Prizes recognise outstanding contributions to chemistry.
Our winners can be very proud to follow in the footsteps of some of the most influential and important chemical scientists in history.
Dr Robert Parker, Chief Executive of the Royal Society of Chemistry
The Royal Society of Chemists has honoured four Cambridge scientists this month (May, 2014).
Dr Erwin Reisner, Professor David Spring, Dr Keith Taber, and Professor Ian Paterson were among those recognised nationally by the eminent society.
Congratulating the winners Dr Robert Parker, Chief Executive of the Royal Society of Chemistry said: “Each year we present prizes and awards to chemical scientists who have made an outstanding contribution, be that in their area of research, in industry or academia.
“Our winners can be very proud to follow in the footsteps of some of the most influential and important chemical scientists in history.”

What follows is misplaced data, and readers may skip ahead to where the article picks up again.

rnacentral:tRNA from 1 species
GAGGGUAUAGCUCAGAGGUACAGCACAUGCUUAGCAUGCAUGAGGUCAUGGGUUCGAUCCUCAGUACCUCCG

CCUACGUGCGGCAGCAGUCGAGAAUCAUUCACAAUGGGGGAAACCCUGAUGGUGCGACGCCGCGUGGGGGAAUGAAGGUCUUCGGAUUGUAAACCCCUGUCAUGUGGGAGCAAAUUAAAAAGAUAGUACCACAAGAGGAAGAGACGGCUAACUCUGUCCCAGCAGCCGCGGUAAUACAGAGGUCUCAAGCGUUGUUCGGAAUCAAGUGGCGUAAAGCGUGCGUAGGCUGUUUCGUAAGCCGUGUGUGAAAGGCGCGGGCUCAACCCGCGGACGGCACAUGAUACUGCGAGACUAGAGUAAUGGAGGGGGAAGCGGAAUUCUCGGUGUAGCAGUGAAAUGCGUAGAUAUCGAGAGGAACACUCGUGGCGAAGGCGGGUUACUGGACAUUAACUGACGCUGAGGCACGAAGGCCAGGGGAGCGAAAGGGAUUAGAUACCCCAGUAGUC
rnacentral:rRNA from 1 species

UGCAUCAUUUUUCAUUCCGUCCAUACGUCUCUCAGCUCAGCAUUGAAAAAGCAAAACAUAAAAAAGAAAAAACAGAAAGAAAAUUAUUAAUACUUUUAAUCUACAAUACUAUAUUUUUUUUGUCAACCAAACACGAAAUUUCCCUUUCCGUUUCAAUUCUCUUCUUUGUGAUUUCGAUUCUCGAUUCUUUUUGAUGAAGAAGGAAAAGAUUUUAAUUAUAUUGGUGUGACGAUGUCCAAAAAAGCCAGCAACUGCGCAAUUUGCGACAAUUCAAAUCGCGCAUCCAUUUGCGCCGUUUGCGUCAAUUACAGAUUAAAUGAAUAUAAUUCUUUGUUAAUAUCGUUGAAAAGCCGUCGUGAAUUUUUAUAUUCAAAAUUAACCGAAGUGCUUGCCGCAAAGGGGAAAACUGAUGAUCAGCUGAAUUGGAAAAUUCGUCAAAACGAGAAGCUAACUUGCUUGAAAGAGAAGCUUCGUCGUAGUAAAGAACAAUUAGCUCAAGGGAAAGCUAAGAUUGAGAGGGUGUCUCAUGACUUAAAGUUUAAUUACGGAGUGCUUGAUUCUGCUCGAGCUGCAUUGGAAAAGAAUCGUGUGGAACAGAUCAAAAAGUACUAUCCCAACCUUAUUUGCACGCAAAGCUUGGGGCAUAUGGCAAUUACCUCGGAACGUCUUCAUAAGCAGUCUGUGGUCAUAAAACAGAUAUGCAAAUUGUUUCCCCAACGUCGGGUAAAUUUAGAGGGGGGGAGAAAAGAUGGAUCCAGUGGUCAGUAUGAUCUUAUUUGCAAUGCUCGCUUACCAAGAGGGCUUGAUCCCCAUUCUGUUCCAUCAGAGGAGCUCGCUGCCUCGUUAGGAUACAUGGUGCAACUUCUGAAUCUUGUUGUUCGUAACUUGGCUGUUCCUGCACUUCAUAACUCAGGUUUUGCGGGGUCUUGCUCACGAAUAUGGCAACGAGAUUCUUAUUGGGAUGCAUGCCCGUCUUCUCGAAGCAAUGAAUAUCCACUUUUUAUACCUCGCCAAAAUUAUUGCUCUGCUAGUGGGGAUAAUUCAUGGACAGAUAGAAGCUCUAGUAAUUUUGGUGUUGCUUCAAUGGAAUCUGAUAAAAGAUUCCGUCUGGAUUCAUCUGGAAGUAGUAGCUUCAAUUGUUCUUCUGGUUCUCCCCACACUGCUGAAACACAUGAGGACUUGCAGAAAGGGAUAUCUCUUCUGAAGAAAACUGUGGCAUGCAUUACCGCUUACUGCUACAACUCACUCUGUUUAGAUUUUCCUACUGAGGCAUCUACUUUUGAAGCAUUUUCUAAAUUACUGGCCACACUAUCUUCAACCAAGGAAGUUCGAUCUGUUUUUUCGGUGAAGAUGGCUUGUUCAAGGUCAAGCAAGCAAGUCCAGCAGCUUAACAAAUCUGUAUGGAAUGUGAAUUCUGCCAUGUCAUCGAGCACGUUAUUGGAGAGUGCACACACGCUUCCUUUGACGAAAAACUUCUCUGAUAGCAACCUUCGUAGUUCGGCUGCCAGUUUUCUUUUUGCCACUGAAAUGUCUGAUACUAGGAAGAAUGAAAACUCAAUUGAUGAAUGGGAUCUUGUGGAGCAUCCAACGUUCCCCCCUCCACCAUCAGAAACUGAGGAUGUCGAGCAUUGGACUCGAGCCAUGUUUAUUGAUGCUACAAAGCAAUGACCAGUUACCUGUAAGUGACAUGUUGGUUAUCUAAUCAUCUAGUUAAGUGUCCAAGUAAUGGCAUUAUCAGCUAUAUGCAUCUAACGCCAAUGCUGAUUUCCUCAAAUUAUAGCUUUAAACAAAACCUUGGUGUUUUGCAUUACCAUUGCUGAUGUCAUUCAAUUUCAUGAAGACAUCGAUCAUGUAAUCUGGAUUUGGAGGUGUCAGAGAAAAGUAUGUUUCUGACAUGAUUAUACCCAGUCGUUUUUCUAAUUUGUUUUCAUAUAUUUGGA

The work done by Dr Reisner - combining molecular synthesis, chemical biology and materials chemistry to develop artificial photosynthesis – won him the Harrison-Meldola Memorial Prize.
It is bestowed “for the most meritorious and promising original investigations in chemistry and published results of those investigations.”
Professor David Spring took the Corday-Morgan Prize, awarded “for the most meritorious contributions to chemistry”.
The award comes for his contributions to chemistry-driven drug discovery through his work in diversity-oriented synthesis and chemical biology.
Dr Keith Taber was the Chemistry Education Award winner, recognised for “extensive research that has contributed significantly to the teaching and learning of chemistry concepts”.
Currently Chair of the Science, Technology and Mathematics Education Academic Group, Dr Teiber teaches about educational research methods on a range of courses, and supervises masters and doctoral students at Cambridge.
Professor Ian Paterson was the Natural Product Chemistry Award winner – awarded for his work which looks to develop new ways of making important chemical compounds produced in nature.
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